clicking & missing, lightning-speed rubberneckers & the dead-end hunt for wow

17Mar10

Let me set the tone by talking about the weather. Isn’t that what you do, though… talk about the weather? It’s safe, it’s a constant, we know it’s going to be there when we wake up in the morning and it’s one thing that we all feel in more or less the same way. (…Depending on the thickness of our blood, the density of our chub and on whether or not we are mammalian. [Is mammalian even a word??] Oh, and it also has something to do with the presence or absence of woollen underclothes…)

It is cold. I am home alone. I ate shrinkwrapped lamb shank for dinner (sans shrinkwrap, I mean). Then I discovered there was no milk in the fridge. Now I am thinking about a hot bath and a warm bed. Maybe I will go to bed and it will still be light outside. That never happens.

Maybe some of you know by now how much I enjoy Seth Godin as my morning coffee companion. His latest blog, Driveby culture and the endless search for wow, is Seth in especially fine form.

It made me want to dust off my shaky cultural theory knowledge from school days and conjure those frighteningly sage and complex French dudes – Lacan and Derrida and Foucault and whoever else they kicked around with. I think there may have been some German folk in the mix too.

I wanted to re-form a slightly smart opinion on mass culture and fragmented narratives, and the nature of entertainment. Or maybe I just wanted intellectual backup, a way of going WTF? and having some quippy thing at my disposal to help explain it all away. Why are we all so ADD-inflicted and so “time-poor”? Why do I have full-time RSI in my wrist from frantic clicking, and a goldfish brain, and a penchant for buy now buttons and shiny, shiny things? Why do I always want more? Why do I power up my laptop the minute I get home?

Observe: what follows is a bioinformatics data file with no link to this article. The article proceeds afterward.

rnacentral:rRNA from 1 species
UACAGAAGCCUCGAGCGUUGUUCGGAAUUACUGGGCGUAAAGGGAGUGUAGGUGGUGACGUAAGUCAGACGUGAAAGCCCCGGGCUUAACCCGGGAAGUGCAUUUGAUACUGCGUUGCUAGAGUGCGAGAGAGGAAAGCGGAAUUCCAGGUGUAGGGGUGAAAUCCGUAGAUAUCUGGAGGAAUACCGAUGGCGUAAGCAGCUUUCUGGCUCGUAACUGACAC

So I consulted Wikipedia very briefly, so to begin forming a case for how things are and then remembered I had work to do.

I recommend reading Seth’s blog. This particular post, and all of them. It doesn’t matter whether or not you’re a marketer by trade. I sort of have a slight problem with the ‘marketer’ moniker, anyway, even though it is officially my profession. That’s why I like Seth. He takes a wider view on things. His language isn’t marketing speak.

Seth says: “Culture has been getting faster and shallower for hundreds of years, and I’m not the first crusty pundit to decry the demise of thoughtful inquiry and deep experiences. The interesting question here, though, is not how fast is too fast, but what works?”

Do we mind fast and shallow? Does it matter? Do we, as Seth says, really need to focus our attention on turning a cheetah into a house pet? Or do we find our own true pocket within it all, stick our flag in the ground and try to tune out to the ceaseless flicker of distraction at the edge of our vision?

Oh no, it is nearly dark and I am nowhere near bed yet. So I will sign off. Before I forget, though, this picture is a montage of images I took in the weekend from the spectacle that was the Lady Gaga ‘Monster Ball’ concert. Talk about wow. We were given tickets and I had no real feelings for being there, either way. And I was transfixed and out of my seat for the whole show.

So fast, so shallow, so shiny, and I loved every single minute of it.

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